The Reds will reportedly look to sell off their former marquee striker this summer (per The Telegraph), having signed him for an astronomical £35 million transfer fee in 2011. But they are seemingly uncertain as to whether or not they'll be able to get a substantial price in return for him.
The Telegraph reports that West Ham are in prime position to sign the striker, with part of their loan deal for Carroll giving them the option to sign him for £17 million, if they desire. That is, of course, assuming they avoid relegation, which they appear extremely likely to avoid.
Whilst it might seem like Brendan Rodgers has closed the book on Carroll—bringing in a number of attacking platters to change the attacking system of Liverpool—the Reds must still keep their options when it comes to Carroll in 2013. Especially if the Hammers baulk at the thought of spending big money on a player that has gone largely unproven in the Premier League.
The Reds tried to see what interest they could get for the England international over the winter transfer window but didn't find a whole lot of interest in return.
Should a similar thing take place this summer (with the Reds unable to sell Carroll for a decent transfer fee), they need to make sure that they haven't closed themselves off to the thought of keeping the striker. After all, he is under contract at the club until 2016 (per Transfermarkt) and may well struggle to attract anything more than £15 million given his performances to date.
Especially given the recent remarks from Rodgers, who was adamant that Carroll would not be sold on the cheap this summer, regardless of the effects.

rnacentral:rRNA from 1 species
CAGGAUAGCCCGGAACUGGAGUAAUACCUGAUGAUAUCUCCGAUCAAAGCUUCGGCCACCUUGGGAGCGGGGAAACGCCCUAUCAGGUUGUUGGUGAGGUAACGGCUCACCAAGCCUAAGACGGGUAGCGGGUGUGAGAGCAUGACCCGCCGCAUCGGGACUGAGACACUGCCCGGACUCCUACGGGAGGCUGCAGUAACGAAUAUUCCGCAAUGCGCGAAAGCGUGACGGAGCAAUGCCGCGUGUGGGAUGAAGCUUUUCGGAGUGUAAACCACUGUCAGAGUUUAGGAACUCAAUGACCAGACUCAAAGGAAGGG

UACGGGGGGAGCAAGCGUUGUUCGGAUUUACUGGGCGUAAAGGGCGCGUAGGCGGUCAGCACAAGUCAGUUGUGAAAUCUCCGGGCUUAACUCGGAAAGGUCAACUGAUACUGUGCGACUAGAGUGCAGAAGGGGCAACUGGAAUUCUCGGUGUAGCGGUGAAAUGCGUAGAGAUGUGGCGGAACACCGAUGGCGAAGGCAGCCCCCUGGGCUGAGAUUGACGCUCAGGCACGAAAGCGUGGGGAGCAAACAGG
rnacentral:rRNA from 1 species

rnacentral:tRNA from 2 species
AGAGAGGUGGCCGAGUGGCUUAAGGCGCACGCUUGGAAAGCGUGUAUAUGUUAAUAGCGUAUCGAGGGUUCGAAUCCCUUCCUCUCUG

It’s absolutely the case that, just the same as last season, If the player does leave then it won’t be for nothing. He came here for an astronomical fee which was no fault of his own, so we will see what happens in the summer.
There is no doubt Andy has qualities—some of his goals from set plays with West Ham have proven that.
With Liverpool's system built around the Luis Suarez-Daniel Sturridge relationship, it seems that Carroll's days of playing as the front man at Anfield are numbered. As a result, it seems he will likely see the Reds try and sell him off this summer.
Yet the Reds cannot afford to leave Carroll out of their plans entirely if they're going to look for a substantial transfer fee in return for him.
The lack of interest thus far shows just how difficult that may be for the Merseyside club over the summer transfer window.
The Reds don't have to keep Carroll if the interest is there, and they most certainly shouldn't change their system once more to suit the England international.
But they must be careful not to close off the thought of keeping the 24-year-old on their books for another six months or an entire season as they look to attract a substantial transfer fee in return.
A very interesting transfer storyline to follow this summer.
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